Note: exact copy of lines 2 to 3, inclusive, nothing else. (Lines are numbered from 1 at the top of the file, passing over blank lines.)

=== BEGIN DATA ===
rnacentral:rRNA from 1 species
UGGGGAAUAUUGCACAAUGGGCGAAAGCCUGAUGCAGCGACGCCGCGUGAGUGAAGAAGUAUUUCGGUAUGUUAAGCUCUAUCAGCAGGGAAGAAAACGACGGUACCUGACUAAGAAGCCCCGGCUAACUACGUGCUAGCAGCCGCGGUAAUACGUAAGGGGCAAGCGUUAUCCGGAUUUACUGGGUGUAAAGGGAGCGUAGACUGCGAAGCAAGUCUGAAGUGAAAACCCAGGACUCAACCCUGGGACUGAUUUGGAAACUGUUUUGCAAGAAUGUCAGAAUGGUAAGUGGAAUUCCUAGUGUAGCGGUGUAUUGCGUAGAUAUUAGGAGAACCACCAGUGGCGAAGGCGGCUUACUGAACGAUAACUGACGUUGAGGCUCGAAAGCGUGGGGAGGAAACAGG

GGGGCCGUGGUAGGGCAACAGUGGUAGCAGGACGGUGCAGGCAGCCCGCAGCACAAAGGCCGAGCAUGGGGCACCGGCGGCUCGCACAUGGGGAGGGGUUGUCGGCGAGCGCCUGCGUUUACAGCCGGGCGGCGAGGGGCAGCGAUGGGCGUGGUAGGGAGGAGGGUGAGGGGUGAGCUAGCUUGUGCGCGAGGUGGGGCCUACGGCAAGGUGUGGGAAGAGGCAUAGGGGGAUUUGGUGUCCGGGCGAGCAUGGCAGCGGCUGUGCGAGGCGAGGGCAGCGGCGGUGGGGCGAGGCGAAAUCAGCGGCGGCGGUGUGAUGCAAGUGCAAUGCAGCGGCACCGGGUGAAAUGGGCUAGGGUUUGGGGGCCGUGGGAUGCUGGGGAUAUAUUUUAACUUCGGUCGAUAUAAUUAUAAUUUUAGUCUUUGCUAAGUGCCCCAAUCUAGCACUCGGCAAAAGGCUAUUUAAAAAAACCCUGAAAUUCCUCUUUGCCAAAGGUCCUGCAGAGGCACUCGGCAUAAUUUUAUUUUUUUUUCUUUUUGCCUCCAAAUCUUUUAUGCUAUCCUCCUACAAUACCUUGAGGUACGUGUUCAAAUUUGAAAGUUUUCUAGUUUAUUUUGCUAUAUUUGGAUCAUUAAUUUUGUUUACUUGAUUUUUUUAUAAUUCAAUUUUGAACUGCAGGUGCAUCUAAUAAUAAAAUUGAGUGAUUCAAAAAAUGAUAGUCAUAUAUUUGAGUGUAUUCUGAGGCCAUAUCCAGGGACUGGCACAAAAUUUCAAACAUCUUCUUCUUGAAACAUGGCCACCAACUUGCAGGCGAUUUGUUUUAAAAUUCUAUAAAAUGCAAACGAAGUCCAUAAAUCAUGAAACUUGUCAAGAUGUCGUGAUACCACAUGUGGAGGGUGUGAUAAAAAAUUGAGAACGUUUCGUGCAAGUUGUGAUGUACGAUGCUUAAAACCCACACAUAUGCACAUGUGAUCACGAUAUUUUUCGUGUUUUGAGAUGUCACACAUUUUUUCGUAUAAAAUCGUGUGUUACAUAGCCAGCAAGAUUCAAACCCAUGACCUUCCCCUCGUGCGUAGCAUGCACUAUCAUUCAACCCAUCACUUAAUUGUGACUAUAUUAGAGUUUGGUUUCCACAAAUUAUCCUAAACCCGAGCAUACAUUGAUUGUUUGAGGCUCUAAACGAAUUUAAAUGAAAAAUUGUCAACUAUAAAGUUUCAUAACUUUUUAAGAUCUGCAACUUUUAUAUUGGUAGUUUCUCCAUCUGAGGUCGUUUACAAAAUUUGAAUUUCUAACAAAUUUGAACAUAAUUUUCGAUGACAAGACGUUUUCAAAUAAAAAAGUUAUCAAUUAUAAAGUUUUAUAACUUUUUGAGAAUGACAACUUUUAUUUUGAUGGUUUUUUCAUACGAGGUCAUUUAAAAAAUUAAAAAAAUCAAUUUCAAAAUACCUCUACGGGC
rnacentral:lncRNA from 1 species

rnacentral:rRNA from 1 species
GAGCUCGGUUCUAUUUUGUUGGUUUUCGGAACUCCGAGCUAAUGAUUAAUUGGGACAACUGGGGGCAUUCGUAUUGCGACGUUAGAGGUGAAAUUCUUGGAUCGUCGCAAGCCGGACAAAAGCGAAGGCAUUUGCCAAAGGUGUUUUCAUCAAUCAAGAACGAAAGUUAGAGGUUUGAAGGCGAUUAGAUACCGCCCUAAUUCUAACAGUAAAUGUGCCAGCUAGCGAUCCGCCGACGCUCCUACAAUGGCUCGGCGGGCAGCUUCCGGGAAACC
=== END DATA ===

UGGGGAAUAUUGCACAAUGGGCGAAAGCCUGAUGCAGCGACGCCGCGUGAGUGAAGAAGUAUUUCGGUAUGUUAAGCUCUAUCAGCAGGGAAGAAAACGACGGUACCUGACUAAGAAGCCCCGGCUAACUACGUGCUAGCAGCCGCGGUAAUACGUAAGGGGCAAGCGUUAUCCGGAUUUACUGGGUGUAAAGGGAGCGUAGACUGCGAAGCAAGUCUGAAGUGAAAACCCAGGACUCAACCCUGGGACUGAUUUGGAAACUGUUUUGCAAGAAUGUCAGAAUGGUAAGUGGAAUUCCUAGUGUAGCGGUGUAUUGCGUAGAUAUUAGGAGAACCACCAGUGGCGAAGGCGGCUUACUGAACGAUAACUGACGUUGAGGCUCGAAAGCGUGGGGAGGAAACAGG

GGGGCCGUGGUAGGGCAACAGUGGUAGCAGGACGGUGCAGGCAGCCCGCAGCACAAAGGCCGAGCAUGGGGCACCGGCGGCUCGCACAUGGGGAGGGGUUGUCGGCGAGCGCCUGCGUUUACAGCCGGGCGGCGAGGGGCAGCGAUGGGCGUGGUAGGGAGGAGGGUGAGGGGUGAGCUAGCUUGUGCGCGAGGUGGGGCCUACGGCAAGGUGUGGGAAGAGGCAUAGGGGGAUUUGGUGUCCGGGCGAGCAUGGCAGCGGCUGUGCGAGGCGAGGGCAGCGGCGGUGGGGCGAGGCGAAAUCAGCGGCGGCGGUGUGAUGCAAGUGCAAUGCAGCGGCACCGGGUGAAAUGGGCUAGGGUUUGGGGGCCGUGGGAUGCUGGGGAUAUAUUUUAACUUCGGUCGAUAUAAUUAUAAUUUUAGUCUUUGCUAAGUGCCCCAAUCUAGCACUCGGCAAAAGGCUAUUUAAAAAAACCCUGAAAUUCCUCUUUGCCAAAGGUCCUGCAGAGGCACUCGGCAUAAUUUUAUUUUUUUUUCUUUUUGCCUCCAAAUCUUUUAUGCUAUCCUCCUACAAUACCUUGAGGUACGUGUUCAAAUUUGAAAGUUUUCUAGUUUAUUUUGCUAUAUUUGGAUCAUUAAUUUUGUUUACUUGAUUUUUUUAUAAUUCAAUUUUGAACUGCAGGUGCAUCUAAUAAUAAAAUUGAGUGAUUCAAAAAAUGAUAGUCAUAUAUUUGAGUGUAUUCUGAGGCCAUAUCCAGGGACUGGCACAAAAUUUCAAACAUCUUCUUCUUGAAACAUGGCCACCAACUUGCAGGCGAUUUGUUUUAAAAUUCUAUAAAAUGCAAACGAAGUCCAUAAAUCAUGAAACUUGUCAAGAUGUCGUGAUACCACAUGUGGAGGGUGUGAUAAAAAAUUGAGAACGUUUCGUGCAAGUUGUGAUGUACGAUGCUUAAAACCCACACAUAUGCACAUGUGAUCACGAUAUUUUUCGUGUUUUGAGAUGUCACACAUUUUUUCGUAUAAAAUCGUGUGUUACAUAGCCAGCAAGAUUCAAACCCAUGACCUUCCCCUCGUGCGUAGCAUGCACUAUCAUUCAACCCAUCACUUAAUUGUGACUAUAUUAGAGUUUGGUUUCCACAAAUUAUCCUAAACCCGAGCAUACAUUGAUUGUUUGAGGCUCUAAACGAAUUUAAAUGAAAAAUUGUCAACUAUAAAGUUUCAUAACUUUUUAAGAUCUGCAACUUUUAUAUUGGUAGUUUCUCCAUCUGAGGUCGUUUACAAAAUUUGAAUUUCUAACAAAUUUGAACAUAAUUUUCGAUGACAAGACGUUUUCAAAUAAAAAAGUUAUCAAUUAUAAAGUUUUAUAACUUUUUGAGAAUGACAACUUUUAUUUUGAUGGUUUUUUCAUACGAGGUCAUUUAAAAAAUUAAAAAAAUCAAUUUCAAAAUACCUCUACGGGC